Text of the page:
Muguet Porte Bonheur

(E) La tradition du 1er mai – offrez un bouquet de muget, ça porte bonheur – the tradition of May 1st – give a bouquet of lily of the valley, it brings good luck.

To learn more about May 1st, from the Alliance Francaise in Silicon Valley

On May 1st, 1886, in the United States, workers went on strike to request an 8-hour day of work. This strike was historic because, at that time, the daily working time was more like 12 or 14 hours. Unfortunately, there were many injuries and deaths during this event. But the positive impact of the strike was seen a few decades later, as the 8-hour workday was accepted in 1919.

May 1st became a day of mourning in honor of the victims and a day of protest for the workers’ unions.

So why today in France are they talking about the “Fête du Travail on May 1st? In 1941, May 1st became a public holiday in France, and since 1947, employees are paid for this holiday. Each year the “Fête du Travail” makes room for peaceful demonstrations of workers’ unions to make their voices heard.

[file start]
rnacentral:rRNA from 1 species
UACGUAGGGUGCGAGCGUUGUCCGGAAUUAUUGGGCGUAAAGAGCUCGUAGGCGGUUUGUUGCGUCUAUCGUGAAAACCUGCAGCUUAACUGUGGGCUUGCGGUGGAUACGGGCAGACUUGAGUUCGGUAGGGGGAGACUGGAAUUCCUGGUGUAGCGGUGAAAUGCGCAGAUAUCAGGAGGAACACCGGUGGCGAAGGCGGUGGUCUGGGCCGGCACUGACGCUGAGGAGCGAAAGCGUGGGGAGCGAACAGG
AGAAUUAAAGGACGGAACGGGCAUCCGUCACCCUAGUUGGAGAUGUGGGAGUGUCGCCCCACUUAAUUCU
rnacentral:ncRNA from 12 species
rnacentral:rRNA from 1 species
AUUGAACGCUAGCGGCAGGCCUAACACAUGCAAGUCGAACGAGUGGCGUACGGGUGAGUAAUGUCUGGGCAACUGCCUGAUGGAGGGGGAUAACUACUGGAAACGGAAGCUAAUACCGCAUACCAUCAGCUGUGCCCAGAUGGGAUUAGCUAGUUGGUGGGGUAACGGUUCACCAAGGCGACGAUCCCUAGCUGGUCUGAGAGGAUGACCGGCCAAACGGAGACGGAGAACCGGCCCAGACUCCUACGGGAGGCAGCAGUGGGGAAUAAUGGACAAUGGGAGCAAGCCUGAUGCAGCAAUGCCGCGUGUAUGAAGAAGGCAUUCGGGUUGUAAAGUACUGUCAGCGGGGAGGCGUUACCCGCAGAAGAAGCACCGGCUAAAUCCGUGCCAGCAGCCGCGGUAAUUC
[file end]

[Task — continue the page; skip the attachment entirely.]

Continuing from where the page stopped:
And why are they offering “du muguet (lily-of-the-valley) porte bonheur” on May 1st in France? To understand this, we need to go back to May 1st, 1561. King Charles IX received a bit of lily-of-the-valley luck. For the following years, he decided to offer the women of the court a bit of lily-of-the-valley as a lucky char

A few hundred years later, under the Vichy regime in France, the lily-of-the-valley became the symbol of Labour Day and is, therefore, the symbol of May Day in France.

Note: The picture above is un brin de muguet.

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